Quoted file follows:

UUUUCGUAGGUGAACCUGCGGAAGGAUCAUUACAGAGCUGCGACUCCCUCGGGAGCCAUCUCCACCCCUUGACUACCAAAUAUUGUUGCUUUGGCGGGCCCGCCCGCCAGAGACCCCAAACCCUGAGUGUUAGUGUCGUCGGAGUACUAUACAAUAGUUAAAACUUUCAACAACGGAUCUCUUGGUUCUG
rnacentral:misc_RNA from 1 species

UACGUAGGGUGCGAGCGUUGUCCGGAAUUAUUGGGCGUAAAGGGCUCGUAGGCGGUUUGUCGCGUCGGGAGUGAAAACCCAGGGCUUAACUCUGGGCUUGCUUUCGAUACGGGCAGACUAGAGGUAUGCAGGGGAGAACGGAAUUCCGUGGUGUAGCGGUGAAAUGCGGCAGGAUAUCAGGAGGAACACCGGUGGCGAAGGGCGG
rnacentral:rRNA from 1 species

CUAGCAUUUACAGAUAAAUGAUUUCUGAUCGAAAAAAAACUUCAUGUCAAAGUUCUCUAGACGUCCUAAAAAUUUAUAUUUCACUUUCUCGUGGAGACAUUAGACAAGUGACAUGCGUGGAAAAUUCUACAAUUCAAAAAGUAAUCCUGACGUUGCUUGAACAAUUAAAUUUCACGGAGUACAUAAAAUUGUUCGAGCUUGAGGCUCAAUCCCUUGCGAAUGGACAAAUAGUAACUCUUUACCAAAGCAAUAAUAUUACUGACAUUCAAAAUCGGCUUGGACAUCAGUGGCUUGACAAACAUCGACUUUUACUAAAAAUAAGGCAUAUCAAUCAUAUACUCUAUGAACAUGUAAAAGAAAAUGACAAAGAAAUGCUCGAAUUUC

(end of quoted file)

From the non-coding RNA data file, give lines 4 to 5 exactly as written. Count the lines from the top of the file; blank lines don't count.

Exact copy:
rnacentral:rRNA from 1 species

CUAGCAUUUACAGAUAAAUGAUUUCUGAUCGAAAAAAAACUUCAUGUCAAAGUUCUCUAGACGUCCUAAAAAUUUAUAUUUCACUUUCUCGUGGAGACAUUAGACAAGUGACAUGCGUGGAAAAUUCUACAAUUCAAAAAGUAAUCCUGACGUUGCUUGAACAAUUAAAUUUCACGGAGUACAUAAAAUUGUUCGAGCUUGAGGCUCAAUCCCUUGCGAAUGGACAAAUAGUAACUCUUUACCAAAGCAAUAAUAUUACUGACAUUCAAAAUCGGCUUGGACAUCAGUGGCUUGACAAACAUCGACUUUUACUAAAAAUAAGGCAUAUCAAUCAUAUACUCUAUGAACAUGUAAAAGAAAAUGACAAAGAAAUGCUCGAAUUUC